Israel Palestine Infos
September 24, 2011
Abu Mazen’s Gamble
A WONDERFUL SPEECH. A beautiful speech.
The language expressive and elegant. The arguments clear and convincing. The delivery flawless.
A work of art. The art of hypocrisy. Almost every statement in the passage concerning the Israeli-Palestinian issue was a lie. A blatant lie: the speaker knew it was a lie, and so did the audience.
It was Obama at his best, Obama at his worst.
Being a moral person, he must have felt the urge to vomit. Being a pragmatic person, he knew that he had to do it, if he wanted to be re-elected.
In essence, he sold the
fundamental national interests of the
Not very nice, but that’s politics, OK?
IT MAY be superfluous – almost insulting to the reader – to point out the mendacious details of this rhetorical edifice.
Obama treated the two sides as if they were equal in strength – Israelis and Palestinians, Palestinians and Israelis.
But of the two, it is the Israelis - only they – who suffer and have suffered. Persecution. Exile. Holocaust. An Israeli child threatened by rockets. Surrounded by the hatred of Arab children. So sad.
No Occupation. No settlements. No June 1967 borders. No Naqba. No Palestinian children killed or frightened. It’s the straight right-wing Israeli propaganda line, pure and simple – the terminology, the historical narrative, the argumentation. The music.
The Palestinians, of
course, should have a state of their own. Sure, sure. But they must not be
pushy. They must not embarrass the
Obama gave full service. A lady who provides this kind of service generally gets paid in advance. Obama got paid immediately afterwards, within the hour. Netanyahu sat down with him in front of the cameras and gave him enough quotable professions of love and gratitude to last for several election campaigns.
THE TRAGIC hero of this affair is Mahmoud Abbas. A tragic hero, but a hero nonetheless.
Many people may be surprised by this sudden emergence of Abbas as a daring player for high stakes, ready to confront the mighty US.
Yet for the last few days, Abbas was the center of global attention. World leaders conferred about how to handle him, senior diplomats were eager to convince him of this or that course of action, commentators were guessing what he would do next. His speech before the UN General Assembly was treated as an event of consequence.
Not bad for a chicken, even for one with a full set of feathers.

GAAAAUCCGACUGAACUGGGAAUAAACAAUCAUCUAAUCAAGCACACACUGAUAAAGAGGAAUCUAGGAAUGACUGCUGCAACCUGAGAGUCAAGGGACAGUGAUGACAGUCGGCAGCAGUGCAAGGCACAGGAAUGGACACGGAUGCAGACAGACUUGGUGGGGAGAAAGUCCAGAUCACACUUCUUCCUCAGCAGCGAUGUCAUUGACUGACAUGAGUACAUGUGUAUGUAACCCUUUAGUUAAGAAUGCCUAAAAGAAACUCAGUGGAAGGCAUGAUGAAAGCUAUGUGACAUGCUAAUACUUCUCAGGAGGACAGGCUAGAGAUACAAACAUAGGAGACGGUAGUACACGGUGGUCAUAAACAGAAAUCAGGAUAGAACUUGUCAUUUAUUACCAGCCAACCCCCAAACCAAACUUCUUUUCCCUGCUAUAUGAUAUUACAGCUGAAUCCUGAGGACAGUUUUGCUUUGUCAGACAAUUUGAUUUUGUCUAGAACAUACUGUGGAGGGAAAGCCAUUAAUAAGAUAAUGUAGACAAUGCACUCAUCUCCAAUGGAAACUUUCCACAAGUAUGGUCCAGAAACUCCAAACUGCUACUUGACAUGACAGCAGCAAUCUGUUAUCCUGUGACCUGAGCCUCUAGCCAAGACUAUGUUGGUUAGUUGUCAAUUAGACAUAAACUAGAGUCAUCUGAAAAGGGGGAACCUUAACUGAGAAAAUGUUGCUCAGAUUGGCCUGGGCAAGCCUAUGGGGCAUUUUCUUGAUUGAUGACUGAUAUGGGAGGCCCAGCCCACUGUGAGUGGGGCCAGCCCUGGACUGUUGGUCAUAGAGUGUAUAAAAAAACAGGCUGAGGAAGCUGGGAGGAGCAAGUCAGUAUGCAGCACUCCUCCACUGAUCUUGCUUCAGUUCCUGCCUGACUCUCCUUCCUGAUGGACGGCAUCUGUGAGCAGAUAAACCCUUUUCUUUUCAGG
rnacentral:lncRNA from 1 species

His emergence as a leader on the world stage is somewhat reminiscent of Anwar Sadat.
When Gamal Abd-al-Nasser
unexpectedly died at the age of
Sadat? Who the hell is
that? He was considered a nonentity, an eternal No. 2, one of the least
important members of the group of “free officers” that was ruling
To the utter amazement of the experts – and especially the Israeli ones – this “nonentity” took a huge gamble by starting the 1973 October War, and proceeded to do something unprecedented in history: going to the capital of an enemy country still officially in a state of war and making peace.
Abbas’ status under
Yasser Arafat was not unlike Sadat’s under
Such politicians, emerging suddenly from under the shadow of a great leader, generally fall into one of two categories: the eternal frustrated No. 2 or the surprising new leader.
The Bible gives us examples of both kinds. The first was Rehoboam, the son and heir of the great King Solomon, who told his people: “my father chastised you with whips, but I will chastise you with scorpions”. The other kind was represented by Joshua, the heir of Moses. He was no second Moses, but according to the story a great conqueror in his own right.
Modern history tells the
sad story of Anthony Eden, the long-suffering No. 2 of Winston Churchill, who
commanded little respect. (Mussolini called him, after their first meeting, “a
well-tailored idiot.”). Upon assuming power, he tried desperately to equal
Churchill and soon embroiled
Abbas looked like belonging to the first kind. Now, suddenly, he is revealed as belonging to the second. The world is treating him with newfound respect. Nearing the end of his career, he made the big gamble.
BUT WAS it wise? Courageous, yes. Daring, yes. But wise?
My answer is: Yes, it was.
Abbas has placed the
quest for Palestinian freedom squarely on the international table. For more than
For a national movement, that is of the utmost importance. Cynics may ask: “So what did they gain from it?” But cynics are fools. A liberation movement gains from the very fact that the world pays attention, that the media grapple with the problem, that people of conscience all over the world are aroused. It strengthens morale at home and brings the struggle a step nearer its goal.
Oppression shuns the limelight. Occupation, settlements, ethnic cleansing thrive in the shadows. It is the oppressed who need the light of day. Abbas’ move provided it, at least for the time being.
BARACK OBAMA’s miserable
performance was a nail in the coffin of
The Arab Spring may have
been a last chance for the
Now he has blown it,
perhaps forever. No self-respecting Arab will forgive him for plunging his knife
into the back of the helpless Palestinians. All the credit the
All for reelection.
IT WAS also a crime
Obama knows this full
well. He knows what is good for
The State of
Mahmoud Abbas – Abu Mazen, as the Palestinians call him – will be remembered. The “plucked chicken” is soaring into the sky.